By Evan Dawson, Finger Lakes Editor
"The best wine comes from a warm vintage in a cool climate."
That's something Fox Run Vineyards winemaker Peter Bell is fond of saying. It has practically become a regional mantra. And if Bell is right, then one would expect 2010 to produce stellar wines.
But the Finger Lakes is not Bordeaux, and there is no early rush to judgment on the red wines from a vintage like 2010. That will come with time. Riesling, however, will start hitting the market in mere weeks.
And of course, no wine is more vital to Finger Lakes success than riesling.
So what to make of 2010 riesling?
More than most vintages, this will also require a little more time. That's because 2010 was not a warm vintage, but a hot one, relatively speaking, and a long one, but not a dry one. Some winemakers tell me they chose to add acid; others are adamant that acid additions were unnecessary.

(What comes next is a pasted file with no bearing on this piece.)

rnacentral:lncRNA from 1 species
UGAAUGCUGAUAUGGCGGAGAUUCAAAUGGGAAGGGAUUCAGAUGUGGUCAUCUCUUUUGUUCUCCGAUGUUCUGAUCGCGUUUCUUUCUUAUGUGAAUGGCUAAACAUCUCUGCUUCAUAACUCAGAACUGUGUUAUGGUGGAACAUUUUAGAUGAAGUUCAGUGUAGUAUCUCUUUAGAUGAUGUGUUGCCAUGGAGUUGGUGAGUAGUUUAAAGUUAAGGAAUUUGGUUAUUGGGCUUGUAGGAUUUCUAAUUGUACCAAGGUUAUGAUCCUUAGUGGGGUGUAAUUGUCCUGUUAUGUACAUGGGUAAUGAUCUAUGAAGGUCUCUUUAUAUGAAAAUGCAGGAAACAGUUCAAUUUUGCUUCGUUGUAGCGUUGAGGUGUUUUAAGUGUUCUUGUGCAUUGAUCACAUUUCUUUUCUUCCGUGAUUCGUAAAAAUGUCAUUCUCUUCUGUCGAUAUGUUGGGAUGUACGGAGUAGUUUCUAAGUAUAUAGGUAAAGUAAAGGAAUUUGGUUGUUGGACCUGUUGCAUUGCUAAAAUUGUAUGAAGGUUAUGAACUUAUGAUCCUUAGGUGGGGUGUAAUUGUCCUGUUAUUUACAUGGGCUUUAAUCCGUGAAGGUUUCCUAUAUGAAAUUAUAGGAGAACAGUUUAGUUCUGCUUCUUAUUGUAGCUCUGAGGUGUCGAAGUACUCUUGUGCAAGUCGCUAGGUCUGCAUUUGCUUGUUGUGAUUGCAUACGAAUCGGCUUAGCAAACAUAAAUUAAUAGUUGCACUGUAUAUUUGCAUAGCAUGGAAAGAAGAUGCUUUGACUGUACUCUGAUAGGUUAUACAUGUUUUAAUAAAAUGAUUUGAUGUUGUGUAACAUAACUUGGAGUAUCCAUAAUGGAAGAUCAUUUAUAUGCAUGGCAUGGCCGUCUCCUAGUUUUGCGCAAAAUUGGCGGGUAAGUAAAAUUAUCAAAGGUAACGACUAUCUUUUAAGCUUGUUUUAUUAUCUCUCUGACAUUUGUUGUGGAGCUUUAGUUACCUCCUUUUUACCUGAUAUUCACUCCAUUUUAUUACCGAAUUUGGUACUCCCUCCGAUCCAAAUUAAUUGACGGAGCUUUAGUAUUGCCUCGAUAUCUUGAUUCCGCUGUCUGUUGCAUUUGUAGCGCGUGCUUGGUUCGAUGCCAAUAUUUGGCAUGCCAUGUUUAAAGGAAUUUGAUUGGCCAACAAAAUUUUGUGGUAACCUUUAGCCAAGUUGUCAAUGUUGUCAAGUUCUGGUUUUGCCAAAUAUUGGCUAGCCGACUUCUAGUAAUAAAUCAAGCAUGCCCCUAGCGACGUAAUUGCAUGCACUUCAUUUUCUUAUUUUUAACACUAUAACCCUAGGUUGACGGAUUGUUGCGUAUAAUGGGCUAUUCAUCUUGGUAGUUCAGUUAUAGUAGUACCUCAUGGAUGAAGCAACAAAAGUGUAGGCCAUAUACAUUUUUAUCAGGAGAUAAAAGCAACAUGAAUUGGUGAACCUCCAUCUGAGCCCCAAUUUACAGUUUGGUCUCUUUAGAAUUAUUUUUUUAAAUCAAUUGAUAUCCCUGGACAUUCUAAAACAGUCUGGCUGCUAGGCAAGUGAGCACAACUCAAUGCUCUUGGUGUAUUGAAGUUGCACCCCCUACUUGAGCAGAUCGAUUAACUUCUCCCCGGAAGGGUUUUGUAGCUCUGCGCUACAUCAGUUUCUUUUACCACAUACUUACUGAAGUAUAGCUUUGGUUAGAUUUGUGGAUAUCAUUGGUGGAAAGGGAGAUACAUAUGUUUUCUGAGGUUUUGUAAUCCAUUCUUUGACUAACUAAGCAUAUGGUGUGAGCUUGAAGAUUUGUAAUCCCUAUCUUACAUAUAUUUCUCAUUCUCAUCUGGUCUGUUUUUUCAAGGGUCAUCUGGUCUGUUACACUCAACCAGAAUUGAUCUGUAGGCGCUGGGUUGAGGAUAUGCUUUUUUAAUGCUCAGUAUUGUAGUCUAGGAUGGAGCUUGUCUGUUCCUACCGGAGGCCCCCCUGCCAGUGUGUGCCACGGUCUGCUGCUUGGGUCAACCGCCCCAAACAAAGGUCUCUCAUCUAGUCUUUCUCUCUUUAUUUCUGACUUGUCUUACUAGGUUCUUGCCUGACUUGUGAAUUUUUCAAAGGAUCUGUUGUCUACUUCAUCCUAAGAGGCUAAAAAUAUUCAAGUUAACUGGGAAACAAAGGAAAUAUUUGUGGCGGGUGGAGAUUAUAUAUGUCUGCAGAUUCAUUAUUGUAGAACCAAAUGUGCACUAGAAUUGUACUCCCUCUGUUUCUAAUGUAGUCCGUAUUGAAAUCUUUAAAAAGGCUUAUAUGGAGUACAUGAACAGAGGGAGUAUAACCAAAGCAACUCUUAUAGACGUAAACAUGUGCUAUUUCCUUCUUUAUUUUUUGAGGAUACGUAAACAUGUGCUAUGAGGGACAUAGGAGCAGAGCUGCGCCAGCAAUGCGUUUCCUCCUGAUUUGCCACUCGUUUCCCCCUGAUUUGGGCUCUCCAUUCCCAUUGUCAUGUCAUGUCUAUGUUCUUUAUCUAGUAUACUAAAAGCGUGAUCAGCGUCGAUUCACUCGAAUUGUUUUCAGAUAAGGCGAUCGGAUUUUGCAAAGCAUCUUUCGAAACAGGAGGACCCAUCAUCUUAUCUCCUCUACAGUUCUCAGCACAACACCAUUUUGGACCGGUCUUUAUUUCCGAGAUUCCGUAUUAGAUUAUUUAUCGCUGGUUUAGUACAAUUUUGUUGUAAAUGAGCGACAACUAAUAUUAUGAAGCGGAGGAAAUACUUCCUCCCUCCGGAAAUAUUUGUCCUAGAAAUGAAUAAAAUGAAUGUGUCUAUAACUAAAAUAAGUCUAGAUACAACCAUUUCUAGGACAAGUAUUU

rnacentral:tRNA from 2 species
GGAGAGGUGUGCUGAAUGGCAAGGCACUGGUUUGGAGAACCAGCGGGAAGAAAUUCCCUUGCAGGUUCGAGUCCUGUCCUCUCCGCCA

We'll take Bell's advice and give the 2010 rieslings more time to evolve. "I'm optimistic, if guardedly so," Bell said. Tank samples show a variety of styles of Fox Run's 2010 rieslings, and some are more forward than others."We'll have a much better idea in June, I would think," Bell continued. "The potential is very high, but I prefer not to speak in absolutes. We'll see."
Some consumers are already asking if 2010 will resemble 2007, another long and hot year. The answer will vary from site to site, but in general, there will be significant differences. Drought marked 2007, which has produced more petrol character in the region's rieslings, even at a young age. That's less likely in 2010.